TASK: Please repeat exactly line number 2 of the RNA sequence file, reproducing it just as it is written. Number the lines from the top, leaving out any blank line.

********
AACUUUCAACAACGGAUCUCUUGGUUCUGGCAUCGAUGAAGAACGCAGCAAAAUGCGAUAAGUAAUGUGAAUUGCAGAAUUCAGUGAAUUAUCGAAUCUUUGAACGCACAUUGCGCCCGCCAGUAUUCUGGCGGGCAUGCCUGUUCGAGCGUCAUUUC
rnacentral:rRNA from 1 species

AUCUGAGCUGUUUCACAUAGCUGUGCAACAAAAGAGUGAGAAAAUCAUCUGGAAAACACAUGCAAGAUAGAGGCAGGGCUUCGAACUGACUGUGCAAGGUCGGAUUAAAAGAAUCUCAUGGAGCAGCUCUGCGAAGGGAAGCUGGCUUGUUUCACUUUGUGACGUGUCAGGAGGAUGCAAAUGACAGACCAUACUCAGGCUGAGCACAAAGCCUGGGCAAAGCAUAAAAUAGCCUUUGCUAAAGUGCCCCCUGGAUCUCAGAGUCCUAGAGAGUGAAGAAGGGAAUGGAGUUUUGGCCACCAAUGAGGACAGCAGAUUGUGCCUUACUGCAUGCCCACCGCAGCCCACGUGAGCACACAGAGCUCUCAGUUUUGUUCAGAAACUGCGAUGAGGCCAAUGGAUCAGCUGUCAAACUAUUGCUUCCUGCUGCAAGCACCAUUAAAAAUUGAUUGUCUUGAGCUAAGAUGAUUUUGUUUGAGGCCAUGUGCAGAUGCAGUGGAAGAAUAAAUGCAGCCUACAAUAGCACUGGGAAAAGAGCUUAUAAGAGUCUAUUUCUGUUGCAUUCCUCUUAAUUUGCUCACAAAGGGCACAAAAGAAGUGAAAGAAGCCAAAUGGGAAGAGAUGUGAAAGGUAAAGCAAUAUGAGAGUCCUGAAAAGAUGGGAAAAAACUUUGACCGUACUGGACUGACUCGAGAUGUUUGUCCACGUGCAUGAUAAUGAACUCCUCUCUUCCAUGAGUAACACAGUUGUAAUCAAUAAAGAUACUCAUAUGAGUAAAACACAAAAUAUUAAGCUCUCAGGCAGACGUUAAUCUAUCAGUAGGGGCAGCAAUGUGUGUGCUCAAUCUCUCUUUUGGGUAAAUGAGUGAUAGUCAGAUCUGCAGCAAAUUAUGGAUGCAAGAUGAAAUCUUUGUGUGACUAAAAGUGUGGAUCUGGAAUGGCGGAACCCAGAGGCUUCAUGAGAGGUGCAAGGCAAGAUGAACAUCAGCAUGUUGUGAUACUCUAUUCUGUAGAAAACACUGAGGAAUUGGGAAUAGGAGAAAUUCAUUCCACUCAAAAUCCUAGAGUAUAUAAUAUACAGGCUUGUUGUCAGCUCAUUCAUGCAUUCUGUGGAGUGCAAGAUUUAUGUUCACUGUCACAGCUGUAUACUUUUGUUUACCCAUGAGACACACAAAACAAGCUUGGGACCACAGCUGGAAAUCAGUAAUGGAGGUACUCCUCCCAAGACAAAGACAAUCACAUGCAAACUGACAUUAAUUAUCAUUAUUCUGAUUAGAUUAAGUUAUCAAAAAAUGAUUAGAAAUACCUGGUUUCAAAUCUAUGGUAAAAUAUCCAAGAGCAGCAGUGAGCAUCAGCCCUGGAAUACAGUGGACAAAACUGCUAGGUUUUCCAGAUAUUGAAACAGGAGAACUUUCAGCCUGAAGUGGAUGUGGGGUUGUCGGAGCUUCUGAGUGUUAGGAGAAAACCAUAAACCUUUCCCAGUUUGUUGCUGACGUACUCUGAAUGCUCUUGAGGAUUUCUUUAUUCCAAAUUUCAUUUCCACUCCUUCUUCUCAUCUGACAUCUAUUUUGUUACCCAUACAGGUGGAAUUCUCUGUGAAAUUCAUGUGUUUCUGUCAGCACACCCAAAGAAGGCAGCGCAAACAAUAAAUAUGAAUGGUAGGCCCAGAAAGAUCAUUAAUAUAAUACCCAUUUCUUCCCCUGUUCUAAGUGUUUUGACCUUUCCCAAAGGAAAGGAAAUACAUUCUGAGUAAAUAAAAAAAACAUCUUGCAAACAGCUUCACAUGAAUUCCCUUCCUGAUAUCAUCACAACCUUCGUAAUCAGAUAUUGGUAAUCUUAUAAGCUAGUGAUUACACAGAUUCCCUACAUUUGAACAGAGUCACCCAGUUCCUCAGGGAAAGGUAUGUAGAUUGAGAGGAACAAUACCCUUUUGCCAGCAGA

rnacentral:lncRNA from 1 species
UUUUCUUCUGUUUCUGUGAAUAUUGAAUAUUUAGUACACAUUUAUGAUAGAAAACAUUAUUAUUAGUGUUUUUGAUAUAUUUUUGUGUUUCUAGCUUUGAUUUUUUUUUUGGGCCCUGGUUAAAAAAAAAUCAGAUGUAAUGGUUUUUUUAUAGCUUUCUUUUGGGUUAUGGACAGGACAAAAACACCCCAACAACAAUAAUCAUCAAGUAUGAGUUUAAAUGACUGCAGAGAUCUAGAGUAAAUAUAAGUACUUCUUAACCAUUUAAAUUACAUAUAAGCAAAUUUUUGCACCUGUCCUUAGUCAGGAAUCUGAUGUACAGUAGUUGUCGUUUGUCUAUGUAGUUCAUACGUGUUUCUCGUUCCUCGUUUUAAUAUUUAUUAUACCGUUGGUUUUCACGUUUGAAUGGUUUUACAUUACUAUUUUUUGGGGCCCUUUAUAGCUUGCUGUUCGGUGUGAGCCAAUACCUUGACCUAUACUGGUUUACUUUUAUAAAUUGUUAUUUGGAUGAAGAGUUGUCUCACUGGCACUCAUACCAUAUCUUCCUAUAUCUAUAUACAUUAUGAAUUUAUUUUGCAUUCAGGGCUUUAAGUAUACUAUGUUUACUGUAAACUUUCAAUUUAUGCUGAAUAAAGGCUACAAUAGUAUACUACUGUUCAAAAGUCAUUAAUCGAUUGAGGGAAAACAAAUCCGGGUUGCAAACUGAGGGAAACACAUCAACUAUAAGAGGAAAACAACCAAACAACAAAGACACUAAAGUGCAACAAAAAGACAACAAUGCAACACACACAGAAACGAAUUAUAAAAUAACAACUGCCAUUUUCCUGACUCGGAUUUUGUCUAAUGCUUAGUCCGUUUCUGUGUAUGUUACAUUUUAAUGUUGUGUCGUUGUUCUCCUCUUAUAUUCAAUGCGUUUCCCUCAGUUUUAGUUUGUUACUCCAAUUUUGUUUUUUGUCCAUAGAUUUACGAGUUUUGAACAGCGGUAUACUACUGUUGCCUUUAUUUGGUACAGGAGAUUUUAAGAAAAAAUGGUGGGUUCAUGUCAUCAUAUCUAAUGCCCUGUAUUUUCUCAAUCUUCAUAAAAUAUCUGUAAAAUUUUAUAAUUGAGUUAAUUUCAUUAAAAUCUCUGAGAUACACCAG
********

rnacentral:rRNA from 1 species